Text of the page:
6. Do not let the hoses rest on the plaster, particularly across the length or width of the pool. They may leave a mark.
  7. It is okay to leave the protected end of the hose floating in the forming pool of water.
  8. Do not add anything to the pool until it has finished filling. This includes water clarifiers and chelating agents.
  9. Do not stop the water until the pool has completely filled. This is usually to the middle of the skimmer opening.
  10. If it looks as if the pool is going to finish filling while you are not around, turn down the volume of the water to a lower rate, but do not turn the water off.
  11. If you turn the water off while you are filling, it will leave a water stain ring at that point on the plaster that could be permanent.
  12. If you splash, spill, wash onto or cause anything to fall onto the fresh plaster, it may stain the plaster.
  13. Do not walk on the freshly plastered surface or allow pets or animals to walk on the fresh plaster.

D. Test the Water Again.
You may find that the water is substantially different after filling the pool than when first tested. Write the chemistry readings down. In order to satisfy water chemistry needs for calcium, water must contain a minimum of 150 ppm of calcium. Insufficient amounts of calcium in the fill water will force the water to draw calcium from the fresh plaster material, creating surface conditions which may not be able to be corrected.

E. Starting The Equipment

  1. Make sure that you start with a clean filter.
  2. Make sure that the circuit breakers are on and that the time clock is set for 12 hours or more.
  3. Prime the filter pump with water and start the pump. There will be air in the plumbing so make sure that all of the air has been purged from the system.
  4. If you have a diatomaceous earth filter it will require precoating as per manufacturer’s directions.
  5. Write down the pressure reading from the gauge on top of the filter. Make sure this is the reading with a clean filter. This reading is important because when the filter pressure has risen 4-8 psi, it will be time to clean the filter again.
  6. If there is a main drain valve, open it all the way.
  7. Do not turn on the heater for a minimum of three weeks.
  8. Do not turn on waterfalls or fountains that aren’t necessary until the start up procedure has been completed.
  9. Do not swim in the pool until after the start up procedure has been completed.
  10. Do not use any automatic pool cleaners for a minimum of three weeks after plastering.

F. Adding Chemicals

Due to the varying differences in source water chemistry, it is up to the person who is doing the start up to evaluate the water conditions present. It must be perfectly clear that the person administering the chemicals should be aware of the power and effects of each chemical and the possible reactions of each chemical. It is the sole responsibility of that person to administer the chemicals in a calculated and safe manner.

G. Adding Stain Preventative And Water Clarifiers
These chemicals are extremely important. The help minimize normal staining. Do not add these chemicals until after the pool in filled.

  1. Follow manufacturer’s directions for dosage
  2. Before pouring chemicals into the pool dilute mixture in a large pail. Always add chemical to water; never water to chemical.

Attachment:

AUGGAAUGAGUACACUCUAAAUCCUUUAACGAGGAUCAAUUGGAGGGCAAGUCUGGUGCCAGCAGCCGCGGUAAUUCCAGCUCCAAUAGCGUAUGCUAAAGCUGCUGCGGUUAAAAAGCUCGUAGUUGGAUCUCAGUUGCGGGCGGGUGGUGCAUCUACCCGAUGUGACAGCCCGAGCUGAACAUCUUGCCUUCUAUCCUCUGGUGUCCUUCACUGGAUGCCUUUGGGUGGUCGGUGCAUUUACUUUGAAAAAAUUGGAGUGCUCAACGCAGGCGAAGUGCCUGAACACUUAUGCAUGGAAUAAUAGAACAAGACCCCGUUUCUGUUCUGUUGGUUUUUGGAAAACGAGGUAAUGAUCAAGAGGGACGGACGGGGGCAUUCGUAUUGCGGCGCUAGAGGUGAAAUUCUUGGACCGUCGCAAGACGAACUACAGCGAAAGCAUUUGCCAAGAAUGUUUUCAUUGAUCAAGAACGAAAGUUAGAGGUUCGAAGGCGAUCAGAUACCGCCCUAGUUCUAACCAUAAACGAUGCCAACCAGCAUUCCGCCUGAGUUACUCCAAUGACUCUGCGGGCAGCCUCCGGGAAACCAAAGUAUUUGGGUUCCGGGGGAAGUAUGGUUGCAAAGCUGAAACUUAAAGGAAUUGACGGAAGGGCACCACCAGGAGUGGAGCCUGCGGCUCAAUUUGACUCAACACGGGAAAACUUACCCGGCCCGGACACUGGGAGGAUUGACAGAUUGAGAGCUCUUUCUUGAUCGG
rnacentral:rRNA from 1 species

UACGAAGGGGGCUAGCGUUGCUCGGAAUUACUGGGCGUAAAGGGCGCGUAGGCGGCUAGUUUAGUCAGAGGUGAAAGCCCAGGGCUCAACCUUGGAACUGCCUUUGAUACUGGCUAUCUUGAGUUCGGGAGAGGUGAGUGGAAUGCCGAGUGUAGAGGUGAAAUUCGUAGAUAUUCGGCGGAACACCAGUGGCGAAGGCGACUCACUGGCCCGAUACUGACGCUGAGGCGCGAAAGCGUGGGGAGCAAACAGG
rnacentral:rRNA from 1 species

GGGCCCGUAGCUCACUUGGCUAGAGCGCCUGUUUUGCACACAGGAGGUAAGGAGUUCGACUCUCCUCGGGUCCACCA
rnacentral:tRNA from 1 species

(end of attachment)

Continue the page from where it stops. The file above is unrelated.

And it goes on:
3. Apply diluted mixture around the pool away from the pool walls. Do not pour directly into one spot.
  4. Brush pool immediately.
  5. Adding water clarifiers and/or chelating agents in excessive proportions may lead to opposite effects.
  6. Chelating agents are broken down by UV light and should be replenished as part of normal maintenance.
  7. The mixing of water clarifiers and chelating agents together may cause unwanted results. Make sure chemicals are compatible.

H. Other Chemicals

  1. Adding large doses of chlorine to water in one spot may cause mineral and metal fallout. This may cause staining of fresh plaster.
  2. The addition of large doses of any chemical in any one spot may cause mineral and metal fallout resulting in stained plaster.
  3. Addition of muriatic acid to pools during startup will reduce the water’s alkalinity and lower the ph.
  4. The addition of muriatic acid to pools during start-up will reduce plaster scale (dust).
  5. Failure to rid the pool of scale (dust) during start-up can lead to the hardening and sticking of this scale (dust) to the surface of the plaster
  6. The addition of excessive amounts a muriatic acid to plaster surfaces may cause it to etch.
  7. Broadcasting any granular or powder chemical products onto the plaster surface may stain it, especially colored plaster.
  8. Pre-dissolve all dry chemical products before introducing them into the pool.
  9. Conditioner (cyanuric acid or stabilizer) should be introduced into the skimmer with the equipment running, and allowed to dissolve before turning off the equipment. This is generally about 24 hours. Add conditioner after all plaster residue has been removed.

I. Clearing the Scale (Dust)

You may notice plaster scale (dust) on the bottom of the pool. This is normal and will go away with proper treatment and brushing. The main objective in starting up a pool is to clear or get rid of scale (dust) and to balance water chemistry in the pool as quickly as possible.

  1. Do not use a wheeled vacuum for three weeks after plastering. The use of a brush vac is recommended the first three weeks to avoid marring the plaster.
  2. On some pools you may have to turn off the main drain so that you can vacuum.
  3. When you have vacuumed the scale (dust) from the pool it is important to clean this residual from the filter right away. Remember to recharge the filter if it is a D.E. filter.
  4. It is okay to vacuum the scale (dust) to waste if you wish.
  5. The more you brush the pool the better it will look. The entire pool should be brushed preferably twice a day until the water is balanced and the plaster scale (dust) has gone away.
  6. The pool should be brushed after each vacuum.
  7. The filter pump should be on with the main drain open.
  8. Add chlorine in small amounts as needed to the pool until after the scale (dust) has been eliminated, the water is balanced and stabilized and conditioner added.

This information has been produced as a cooperative effort, and is accepted by the National Plasterers Council, the National Association of Gas Chlorinators, and the Swimming Pool Trades & Contractors Association. For additional copies, contact:
National Plasterers Council, 2811 Tamiami Trail, Suite D, Port Charlotte, FL 33952.